Protest coverage: Iraqi channel faces month-long ban

Two Iraqis were killed and dozens wounded in protest-related violence on Tuesday. The youth-led campaign has pressed on despite violence that has killed more than 480 people. (Reuters)
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Updated 29 January 2020

Protest coverage: Iraqi channel faces month-long ban

  • Its Baghdad office was raided in the first week of rallies and on Jan. 10

BAGHDAD: Iraqi authorities have ordered the closure for a month of Al-Dijla television, which has aired intensive coverage of anti-government protests in recent months, media and police sources said on Tuesday.

“Interior Ministry forces fully shut down Al-Dijla’s offices in Baghdad last night and respectfully asked the staff to leave,” a source from the broadcaster said.

An Interior Ministry official confirmed that security forces had stormed the offices in the Jadiriyah neighborhood of east Baghdad late on Monday.

At least 80 employees work at the Baghdad bureau and another 50 work at the station’s headquarters in Amman, from where it broadcasts.

The Al-Dijla employee, speaking on condition of anonymity because he was not authorized to speak to the press, said the main office had been ordered by Jordanian authorities to stop broadcasting for a month.

FASTFACT

Al-Dijlah has provided daily coverage of the anti-government protests sweeping Baghdad and the Shiite-majority south since Oct. 1, despite pressure on its staff.

“The Iraqi government requested from Jordan that it halt the station’s broadcasting for a month based on an Iraqi complaint,” the source said.

Starting on Monday, the frequency on which Al-Dijla typically broadcasts has showed a still image of its logo.

Al-Dijla has provided daily coverage of the anti-government protests sweeping Baghdad and the Shiite-majority south since Oct. 1, despite pressure on its staff.

Its Baghdad office was raided in the first week of rallies and on Jan. 10, one of its correspondents and his cameraman were gunned down in the southern city of Basra.

Before he was killed, correspondent Ahmad Abdessamad, 37, said he had been threatened by Iraqi armed groups because he criticized powerful neighbour Iran in his coverage.

On Jan. 20, Al-Dijla’s leading anchorman Nabil Jassem got into an on-air dispute with the prime minister’s spokesman for military issues, Abdelkarim Khalaf.

Khalaf refused to respond to a question from Jassem about the number of casualties in protest-related violence, and the two accused each other of being disrespectful before Khalaf walked off the set.

In reaction to the shutdown, Al-Dijla administrative head Jamal Al-Karbuli tweeted: “Al-Dijla pays the price for truth.”

Haidar Al-Maytham, a member of the Iraqi National Syndicate for Journalists, said on Tuesday that authorities had taken issue with Al-Dijla’s “politics.”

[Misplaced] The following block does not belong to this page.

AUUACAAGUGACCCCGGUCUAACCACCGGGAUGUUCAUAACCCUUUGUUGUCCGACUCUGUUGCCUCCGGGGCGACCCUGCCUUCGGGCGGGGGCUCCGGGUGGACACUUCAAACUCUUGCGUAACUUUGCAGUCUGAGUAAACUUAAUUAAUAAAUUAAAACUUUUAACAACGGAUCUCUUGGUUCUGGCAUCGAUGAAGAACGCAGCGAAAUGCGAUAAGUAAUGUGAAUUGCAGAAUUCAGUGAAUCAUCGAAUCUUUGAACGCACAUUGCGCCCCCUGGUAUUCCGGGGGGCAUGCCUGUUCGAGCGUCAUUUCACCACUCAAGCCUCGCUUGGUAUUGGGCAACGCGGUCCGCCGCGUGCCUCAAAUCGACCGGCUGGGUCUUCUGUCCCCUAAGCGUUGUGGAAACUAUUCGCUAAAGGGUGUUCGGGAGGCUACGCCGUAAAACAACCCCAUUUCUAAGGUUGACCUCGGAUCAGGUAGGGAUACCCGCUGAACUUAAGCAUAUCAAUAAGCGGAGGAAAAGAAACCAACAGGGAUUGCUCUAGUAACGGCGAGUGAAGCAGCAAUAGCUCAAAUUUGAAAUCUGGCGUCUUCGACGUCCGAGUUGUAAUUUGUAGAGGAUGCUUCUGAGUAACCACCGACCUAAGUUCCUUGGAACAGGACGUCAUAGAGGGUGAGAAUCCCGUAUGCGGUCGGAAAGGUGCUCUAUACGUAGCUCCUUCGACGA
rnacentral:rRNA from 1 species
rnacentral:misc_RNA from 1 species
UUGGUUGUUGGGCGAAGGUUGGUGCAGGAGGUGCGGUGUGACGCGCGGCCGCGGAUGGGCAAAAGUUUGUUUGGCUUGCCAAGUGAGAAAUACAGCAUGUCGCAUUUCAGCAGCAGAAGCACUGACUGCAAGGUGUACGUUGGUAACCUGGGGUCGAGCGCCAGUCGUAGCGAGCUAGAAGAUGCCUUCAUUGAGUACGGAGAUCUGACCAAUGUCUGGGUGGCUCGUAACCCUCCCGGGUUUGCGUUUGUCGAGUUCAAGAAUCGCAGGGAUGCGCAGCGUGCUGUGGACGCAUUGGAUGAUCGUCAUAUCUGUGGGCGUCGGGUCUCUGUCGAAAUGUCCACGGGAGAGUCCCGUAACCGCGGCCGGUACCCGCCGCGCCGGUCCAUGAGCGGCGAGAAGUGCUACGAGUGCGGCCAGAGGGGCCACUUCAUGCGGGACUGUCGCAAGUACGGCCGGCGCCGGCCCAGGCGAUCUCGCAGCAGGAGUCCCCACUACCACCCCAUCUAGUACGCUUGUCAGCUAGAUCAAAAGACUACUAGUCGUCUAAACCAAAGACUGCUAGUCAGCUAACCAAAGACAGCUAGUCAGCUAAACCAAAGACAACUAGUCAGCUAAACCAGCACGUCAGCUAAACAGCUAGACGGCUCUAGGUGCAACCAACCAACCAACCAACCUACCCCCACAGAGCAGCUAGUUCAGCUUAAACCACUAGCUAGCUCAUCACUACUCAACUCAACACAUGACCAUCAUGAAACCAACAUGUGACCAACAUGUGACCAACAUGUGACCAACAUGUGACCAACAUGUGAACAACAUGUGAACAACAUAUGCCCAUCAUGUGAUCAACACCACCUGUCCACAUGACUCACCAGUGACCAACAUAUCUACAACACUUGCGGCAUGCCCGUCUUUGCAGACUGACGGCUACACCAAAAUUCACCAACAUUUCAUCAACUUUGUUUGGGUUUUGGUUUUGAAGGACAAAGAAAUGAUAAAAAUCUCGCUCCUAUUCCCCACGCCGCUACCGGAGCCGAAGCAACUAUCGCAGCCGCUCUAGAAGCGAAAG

“There are political disagreements and differences of opinion between the channel’s administration and Iraqi officials, which led to the decision (to shut it down),” Maytham said.

Major powers and advocacy groups have called on Iraq to do more to ensure media freedom and protect journalists covering the protests


UAE offers free family counselling to support community during coronavirus crisis

Updated 10 min 26 sec ago

UAE offers free family counselling to support community during coronavirus crisis

  • The initiative will provide support for families to alleviate the psychological impacts of COVID-19 during home quarantine and social isolation
  • People can call a hotline or book video call appointments on the ministry’s website

DUBAI: The Ministry of Community Development (MoCD) launched the ‘Taaluf’ initiative to offer free family counselling to all UAE residents, state news agency WAM reported on Tuesday.
There will be four interactive channels providing support for families to alleviate the psychological impacts of COVID-19 during home quarantine and social distancing, MoCD said.
The initiative “focuses on interaction and dialogue to disseminate knowledge, guidance and make consultation easier and faster, reaching out to all members of the UAE community,” Assistant Under-Secretary for Social Development Hessa Tahlak said.
The private and confidential service will be available 24 hours a day, seven days a week.
Residents can reach the service through a hotline, by calling 800623 from 9 a.m. until 9 p.m. from Sunday to Thursday. They can also register for video call appointments via Whatsapp on the Ministry’s website.
MoCD will also provide weekly live streams via their Instagram account to the public.
The UAE has implemented a curfew as part of the national disinfection program since March 26, people are not allowed to leave their houses without permits between 8 p.m. and 6 a.m.
The regulation is part of the country’s efforts to curb the spread of coronavirus, as the current toll reached 611 with five deaths and 61 recoveries.